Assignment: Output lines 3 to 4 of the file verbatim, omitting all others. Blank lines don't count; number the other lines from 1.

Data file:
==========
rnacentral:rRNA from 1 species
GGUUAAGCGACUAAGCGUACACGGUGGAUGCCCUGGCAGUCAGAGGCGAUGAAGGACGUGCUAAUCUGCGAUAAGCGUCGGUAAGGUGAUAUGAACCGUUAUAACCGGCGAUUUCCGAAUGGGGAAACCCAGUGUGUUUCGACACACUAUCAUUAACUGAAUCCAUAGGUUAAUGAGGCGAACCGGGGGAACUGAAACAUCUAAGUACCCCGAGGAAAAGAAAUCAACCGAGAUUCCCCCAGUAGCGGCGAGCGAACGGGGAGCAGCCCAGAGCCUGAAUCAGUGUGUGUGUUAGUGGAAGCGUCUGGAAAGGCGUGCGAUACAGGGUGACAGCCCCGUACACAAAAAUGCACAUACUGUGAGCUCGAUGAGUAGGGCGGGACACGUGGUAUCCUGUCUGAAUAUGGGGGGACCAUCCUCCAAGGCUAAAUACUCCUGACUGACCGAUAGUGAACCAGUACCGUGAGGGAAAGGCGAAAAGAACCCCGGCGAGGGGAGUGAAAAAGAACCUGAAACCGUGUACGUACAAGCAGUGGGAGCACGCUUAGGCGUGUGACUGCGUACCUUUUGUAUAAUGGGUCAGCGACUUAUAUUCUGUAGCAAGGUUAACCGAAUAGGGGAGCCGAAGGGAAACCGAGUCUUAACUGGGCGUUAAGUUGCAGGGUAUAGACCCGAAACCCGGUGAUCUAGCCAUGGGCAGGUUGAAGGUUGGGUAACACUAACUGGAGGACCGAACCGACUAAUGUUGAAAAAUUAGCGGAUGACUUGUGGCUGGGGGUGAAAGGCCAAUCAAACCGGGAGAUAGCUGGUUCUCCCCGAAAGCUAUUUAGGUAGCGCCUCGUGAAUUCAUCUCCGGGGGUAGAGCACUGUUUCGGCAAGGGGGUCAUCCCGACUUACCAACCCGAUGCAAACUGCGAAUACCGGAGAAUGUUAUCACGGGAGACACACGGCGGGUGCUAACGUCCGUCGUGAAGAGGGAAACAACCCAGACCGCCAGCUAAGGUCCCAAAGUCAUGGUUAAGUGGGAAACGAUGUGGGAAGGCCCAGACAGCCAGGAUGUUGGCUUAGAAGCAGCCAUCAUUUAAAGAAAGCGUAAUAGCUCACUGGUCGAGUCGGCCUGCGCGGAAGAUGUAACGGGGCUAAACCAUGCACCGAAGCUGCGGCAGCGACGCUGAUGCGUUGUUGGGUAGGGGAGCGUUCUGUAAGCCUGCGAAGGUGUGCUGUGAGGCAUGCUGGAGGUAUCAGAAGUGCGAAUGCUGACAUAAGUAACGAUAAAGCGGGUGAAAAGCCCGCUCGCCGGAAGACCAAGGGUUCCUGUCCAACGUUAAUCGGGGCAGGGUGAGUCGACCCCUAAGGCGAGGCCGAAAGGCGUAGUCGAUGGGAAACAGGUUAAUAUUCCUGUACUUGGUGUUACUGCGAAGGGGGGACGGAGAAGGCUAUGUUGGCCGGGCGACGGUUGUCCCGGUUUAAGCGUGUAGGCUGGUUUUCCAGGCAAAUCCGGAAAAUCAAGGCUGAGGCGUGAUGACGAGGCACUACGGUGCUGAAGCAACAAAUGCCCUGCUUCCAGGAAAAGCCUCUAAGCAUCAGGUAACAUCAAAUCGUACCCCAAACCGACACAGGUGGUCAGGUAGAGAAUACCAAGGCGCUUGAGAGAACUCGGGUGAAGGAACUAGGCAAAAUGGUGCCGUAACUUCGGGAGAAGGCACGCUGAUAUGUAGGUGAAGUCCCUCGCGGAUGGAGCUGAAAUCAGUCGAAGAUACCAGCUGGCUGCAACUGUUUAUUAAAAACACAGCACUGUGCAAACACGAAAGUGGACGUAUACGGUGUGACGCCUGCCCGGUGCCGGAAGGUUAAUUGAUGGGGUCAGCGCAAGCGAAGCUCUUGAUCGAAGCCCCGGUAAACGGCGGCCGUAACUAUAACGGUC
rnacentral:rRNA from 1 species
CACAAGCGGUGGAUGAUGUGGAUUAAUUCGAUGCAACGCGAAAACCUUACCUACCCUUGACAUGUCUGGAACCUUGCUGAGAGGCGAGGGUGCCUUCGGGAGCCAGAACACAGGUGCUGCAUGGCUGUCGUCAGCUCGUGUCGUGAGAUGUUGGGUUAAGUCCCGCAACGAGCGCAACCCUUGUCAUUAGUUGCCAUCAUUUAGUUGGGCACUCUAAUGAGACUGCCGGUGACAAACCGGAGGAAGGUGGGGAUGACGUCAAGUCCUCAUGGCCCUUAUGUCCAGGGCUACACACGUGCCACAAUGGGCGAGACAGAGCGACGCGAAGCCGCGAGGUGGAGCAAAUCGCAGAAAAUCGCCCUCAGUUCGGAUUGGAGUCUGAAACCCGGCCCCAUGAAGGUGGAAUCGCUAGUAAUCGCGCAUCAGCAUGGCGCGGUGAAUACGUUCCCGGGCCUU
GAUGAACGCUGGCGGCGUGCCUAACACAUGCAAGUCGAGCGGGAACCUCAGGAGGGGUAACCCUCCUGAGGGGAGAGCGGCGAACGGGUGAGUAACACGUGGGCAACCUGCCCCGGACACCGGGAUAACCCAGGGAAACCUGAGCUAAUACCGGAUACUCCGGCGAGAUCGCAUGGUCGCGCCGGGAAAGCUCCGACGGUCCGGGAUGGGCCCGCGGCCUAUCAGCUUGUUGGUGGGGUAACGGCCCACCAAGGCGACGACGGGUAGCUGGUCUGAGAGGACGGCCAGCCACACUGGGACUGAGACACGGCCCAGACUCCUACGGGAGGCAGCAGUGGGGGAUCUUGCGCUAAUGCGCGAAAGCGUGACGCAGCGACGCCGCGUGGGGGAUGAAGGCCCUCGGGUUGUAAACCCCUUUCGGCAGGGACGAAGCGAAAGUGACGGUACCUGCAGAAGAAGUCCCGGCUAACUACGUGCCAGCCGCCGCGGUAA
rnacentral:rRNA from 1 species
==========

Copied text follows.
rnacentral:rRNA from 1 species
CACAAGCGGUGGAUGAUGUGGAUUAAUUCGAUGCAACGCGAAAACCUUACCUACCCUUGACAUGUCUGGAACCUUGCUGAGAGGCGAGGGUGCCUUCGGGAGCCAGAACACAGGUGCUGCAUGGCUGUCGUCAGCUCGUGUCGUGAGAUGUUGGGUUAAGUCCCGCAACGAGCGCAACCCUUGUCAUUAGUUGCCAUCAUUUAGUUGGGCACUCUAAUGAGACUGCCGGUGACAAACCGGAGGAAGGUGGGGAUGACGUCAAGUCCUCAUGGCCCUUAUGUCCAGGGCUACACACGUGCCACAAUGGGCGAGACAGAGCGACGCGAAGCCGCGAGGUGGAGCAAAUCGCAGAAAAUCGCCCUCAGUUCGGAUUGGAGUCUGAAACCCGGCCCCAUGAAGGUGGAAUCGCUAGUAAUCGCGCAUCAGCAUGGCGCGGUGAAUACGUUCCCGGGCCUU